We sit down with engineers, product leaders, founders, inventors, and tinkerers to talk about their journeys and the state of hardware development.
For our first edition of the series, we sat down with Susan Kayesar, Product Manager, PCBflow at Siemens, to discuss all things engineering.
What fascinates you the most about hardware development?
I’m fascinated with the relationship between form and function; how the balance of the relationship has developed over time and with advances in technology.
Humans have always been obsessed with aesthetics and have always sacrificed function for the sake of form. As design has taken its place in electronics, you can see the struggle continue there. It might be a PCB layout engineer who wants to make their board as aesthetically pleasing as it is well-engineered, it might be a mechanical engineer who decides that the housing for a component should look as sleek as the car it is going into, and it is sometimes a designer who manages to turn unusual physical constraints dictated by environmental or physical restrictions into a beautiful and functional product.
As technology advances, we have new materials at our disposal, new concerns to allay, such as environmental and energy restrictions, new production technologies, and new demands for faster, more agile development processes for products. I think that digital collaborative platforms are the way of the future (they are already here!) to enable the balance to be maintained. Removing traditional physical restrictions on collaboration is a great way to allow humans to continue the creative process, and maintain the balance between form and function while adhering to the accelerated timelines that today’s world demands.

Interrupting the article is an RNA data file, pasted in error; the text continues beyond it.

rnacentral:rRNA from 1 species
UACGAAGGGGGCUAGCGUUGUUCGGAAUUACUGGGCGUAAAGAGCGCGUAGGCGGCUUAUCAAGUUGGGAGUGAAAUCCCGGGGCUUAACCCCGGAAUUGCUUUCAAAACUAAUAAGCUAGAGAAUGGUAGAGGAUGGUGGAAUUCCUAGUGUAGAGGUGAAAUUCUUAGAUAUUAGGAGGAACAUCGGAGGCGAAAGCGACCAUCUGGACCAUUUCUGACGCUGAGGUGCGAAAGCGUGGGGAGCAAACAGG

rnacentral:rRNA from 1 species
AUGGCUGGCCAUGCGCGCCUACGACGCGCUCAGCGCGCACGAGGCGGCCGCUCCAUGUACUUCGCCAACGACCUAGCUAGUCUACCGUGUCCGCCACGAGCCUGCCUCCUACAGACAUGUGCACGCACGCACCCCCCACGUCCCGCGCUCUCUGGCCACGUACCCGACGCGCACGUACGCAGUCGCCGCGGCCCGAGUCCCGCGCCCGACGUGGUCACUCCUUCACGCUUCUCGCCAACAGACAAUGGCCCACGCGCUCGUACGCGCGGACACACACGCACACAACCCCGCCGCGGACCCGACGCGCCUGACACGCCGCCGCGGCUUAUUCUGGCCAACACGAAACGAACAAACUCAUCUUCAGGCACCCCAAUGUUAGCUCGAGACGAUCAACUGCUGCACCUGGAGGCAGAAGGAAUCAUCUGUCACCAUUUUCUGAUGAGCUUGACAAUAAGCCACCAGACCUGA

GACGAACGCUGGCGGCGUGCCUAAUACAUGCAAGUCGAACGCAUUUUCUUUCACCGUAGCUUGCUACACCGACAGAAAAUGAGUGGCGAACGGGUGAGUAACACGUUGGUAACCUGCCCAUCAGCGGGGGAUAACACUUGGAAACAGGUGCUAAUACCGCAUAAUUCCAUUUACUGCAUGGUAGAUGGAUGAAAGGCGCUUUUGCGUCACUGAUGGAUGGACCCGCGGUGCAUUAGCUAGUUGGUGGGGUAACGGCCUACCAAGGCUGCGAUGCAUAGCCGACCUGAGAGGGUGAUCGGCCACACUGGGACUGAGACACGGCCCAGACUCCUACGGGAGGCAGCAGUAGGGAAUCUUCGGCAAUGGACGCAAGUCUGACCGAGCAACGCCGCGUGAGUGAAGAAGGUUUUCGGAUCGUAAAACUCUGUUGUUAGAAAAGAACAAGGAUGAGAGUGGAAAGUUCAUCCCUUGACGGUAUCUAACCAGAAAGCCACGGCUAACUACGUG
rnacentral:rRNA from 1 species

How did you get started in the field?
I grew up with technology and was surrounded by everything from mainframes (I learned to code using punch cards) to early IBMs – 8080, 8086, 8088 etc; and every variety of Apple that came out. Fun fact: we owned a Lisa! I’ve stored data on everything from magnetic tape reels to audio cassettes to all size floppy disks, and now, thankfully, it’s all in the cloud.
I actually hold a formal education as a Biologist, but came back to technology and specifically the electronics industry in the 90s. I retrained as a software engineer, and made the transition from QA and dev to customer support and customer success, service provision, customization and implementation. Now I’m on the product management side of things.
Over my >20 years in this industry as a professional, I have had the pleasure of meeting and helping PCB designers, fabricators, and assembly houses all over the world. I have come to a deep understanding of the challenges they face and the solutions available. I recognize the individual challenges for each unique setup, but I have also learned that there are many common challenges we could approach better, mostly through stronger collaboration to build trust between all players in the industry.
If you could travel a decade into the future, what would you be most excited to see that has evolved in engineering?
I’m excited to see where we will be 10 years from now with human interfaces to technology. Devices for augmented reality, or replacements for monotonous interactions such as providing basic information about services offered (bank, medical etc), as well as more complex interactions such as remote surgeries or remote mechanical tasks in dangerous or inaccessible environments. I’m really interested to see how those products will look in terms of customer journey, UX, UI and whether advances in technology will enable new forms of input/output on the human side such as tactile, vision tracking, even “brainwaves”. Will technology be implanted? Wearable? Or will we still be walking around clutching little black rectangles?
What does successful product management look like in the engineering space?